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Superstores or mom and pops? Technolgy adoption and productivity differences in retail trade

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  • David Lagakos

Abstract

I document that cross-country productivity differences in retail trade, which employs around 20% of workers, are accounted for in large part by compositional differences. In richer countries, most retailing is done in modern stores, with high measured output per worker, whereas in developing countries, retail trade is dominated by less-productive traditional stores. I hypothesize that developing countries rationally adopt few modern stores since car ownership rates are low. A simple quantitative model of home production supports the role of cars in determining the composition of retail technologies used and retail-sector productivity differences across countries.

Suggested Citation

  • David Lagakos, 2009. "Superstores or mom and pops? Technolgy adoption and productivity differences in retail trade," Staff Report 428, Federal Reserve Bank of Minneapolis.
  • Handle: RePEc:fip:fedmsr:428
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    Cited by:

    1. Tasso Adamopoulos & Diego Restuccia, 2014. "The Size Distribution of Farms and International Productivity Differences," American Economic Review, American Economic Association, vol. 104(6), pages 1667-1697, June.
    2. Klaus Desmet & Esteban Rossi-Hansberg, 2014. "Spatial Development," American Economic Review, American Economic Association, vol. 104(4), pages 1211-1243, April.
    3. DE BORGER, Bruno & RUSSO, Antonio, 2015. "Lobbying and the political economy of pricing car access to downtown commercial districts," Working Papers 2015012, University of Antwerp, Faculty of Applied Economics.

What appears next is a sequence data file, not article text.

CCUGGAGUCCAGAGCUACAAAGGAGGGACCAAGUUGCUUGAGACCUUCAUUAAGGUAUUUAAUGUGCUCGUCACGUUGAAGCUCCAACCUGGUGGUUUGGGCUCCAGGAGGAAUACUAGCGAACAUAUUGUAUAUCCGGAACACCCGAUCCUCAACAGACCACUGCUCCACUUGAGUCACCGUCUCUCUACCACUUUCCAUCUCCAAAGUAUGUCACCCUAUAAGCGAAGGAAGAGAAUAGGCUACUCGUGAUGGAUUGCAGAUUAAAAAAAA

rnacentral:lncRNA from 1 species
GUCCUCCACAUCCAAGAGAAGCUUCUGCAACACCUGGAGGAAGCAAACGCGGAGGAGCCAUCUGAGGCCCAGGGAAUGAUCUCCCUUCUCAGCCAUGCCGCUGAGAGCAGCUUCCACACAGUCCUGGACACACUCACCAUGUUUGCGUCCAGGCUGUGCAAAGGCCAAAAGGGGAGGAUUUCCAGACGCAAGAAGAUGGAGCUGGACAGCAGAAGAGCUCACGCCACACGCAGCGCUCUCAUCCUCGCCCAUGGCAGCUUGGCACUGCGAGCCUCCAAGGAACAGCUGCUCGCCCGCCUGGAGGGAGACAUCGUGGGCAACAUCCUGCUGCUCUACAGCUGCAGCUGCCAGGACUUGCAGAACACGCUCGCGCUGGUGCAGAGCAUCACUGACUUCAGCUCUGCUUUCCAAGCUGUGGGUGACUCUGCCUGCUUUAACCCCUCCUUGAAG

4. Gaaitzen J. Vries, 2014. "Productivity in a Distorted Market: The Case of Brazil's Retail Sector," Review of Income and Wealth, International Association for Research in Income and Wealth, vol. 60(3), pages 499-524, September.
    5. Michael E. Waugh, 2010. "International Trade and Income Differences," American Economic Review, American Economic Association, vol. 100(5), pages 2093-2124, December.
    6. Emek Basker, 2015. "Change at the Checkout: Tracing the Impact of a Process Innovation," Journal of Industrial Economics, Wiley Blackwell, vol. 63(2), pages 339-370, June.
    7. Zipitría, Leandro, 2011. "Impacto económico del Supermercadismo
      [The Economics of Supermarkets: A Brief Literature Review]
      ," MPRA Paper 28419, University Library of Munich, Germany.
    8. Igan, Deniz & Suzuki, Junichi, 2012. "The “Wal-Mart effect” in central and eastern Europe," Journal of Comparative Economics, Elsevier, vol. 40(2), pages 194-210.

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    Keywords

    Retail trade ; Technology ; Productivity;

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